ALBUM: Sum 41 – 13 Voices

Release Date: October 7th 2016
Label: Hopeless Records
Website: www.sum41.com
Facebook: www.facebook.com/sum41
Twitter: www.twitter.com/sum41

Rating:

With the mention of Sum 41, you instantly think of when pop-punk ruled the world back in the early 2000s. While these Canadian punks never really reached the lofty heights of fame achieved by Blink-182 or Green Day, they certainly survived the emo takeover of 2005 and to this day continue to put out music which draws a sizable crowd at every tour. This is nothing short of a miracle when you consider what frontman and founding member Deryck Whibley has gone through in the last five years.

Following the release of 2011’s ‘Screaming Bloody Murder’, it was pretty clear that the band were getting stagnant, and lacking the notable thrust of their glory years. This could easily be attributed to Whibley’s deteriorating health conditions which were fuelled by constant alcohol abuse. In May 2014, the frontman suffered chronic liver and kidney failure, which left him hospital bound and barely clinging to life. Somehow he survived, but he hasn’t been allowed to touch a drop of alcohol since he left hospital (as it would actually kill him).

According to Whibley‘s own testament “[from] like 17 years old ’til 34, there weren’t too many days sober.” This is important to bear in mind, because it poses the question, “What are Sum 41 capable of without the cloudy, blurred booze-goggles on?” Well, it turns out they are capable of fucking incredible things.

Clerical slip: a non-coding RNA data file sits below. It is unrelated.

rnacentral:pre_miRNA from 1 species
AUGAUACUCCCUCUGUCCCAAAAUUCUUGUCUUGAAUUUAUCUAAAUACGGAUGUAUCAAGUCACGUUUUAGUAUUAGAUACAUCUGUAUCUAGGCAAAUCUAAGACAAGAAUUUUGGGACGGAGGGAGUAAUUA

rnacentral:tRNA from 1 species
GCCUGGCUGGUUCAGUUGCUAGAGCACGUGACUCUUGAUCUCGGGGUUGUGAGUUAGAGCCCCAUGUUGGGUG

Sum 41‘s musical prowess has always been their strong point, and the guitar work on each and every album has been one of the best features. But now, on their latest release, ’13 Voices’ they’re more focused than a sniper on Adderall, and the results are just stunning. Flawless, harmonised solos, blistering riffs all taken to a much heavier level, this is no longer pop-punk-rock – this is hard rock. Fuck that, this is metal.

This is the best Sum 41 album since 2002’s ‘Does This Look Infected?’, and, while the songs here aren’t quite as charming, they’re just as engaging. Admittedly, there’s nothing on this album that’ll ever be memorable as ‘Motivation’ or ‘Over My Head (Better Off Dead)’, but then again, this is a very different Sum 41.

Like a defibrillator to the chest, Sum 41 have been brought back from the dead, and they’re more alive and kicking than ever.

Written by Andy Roberts (@Sassensquatch)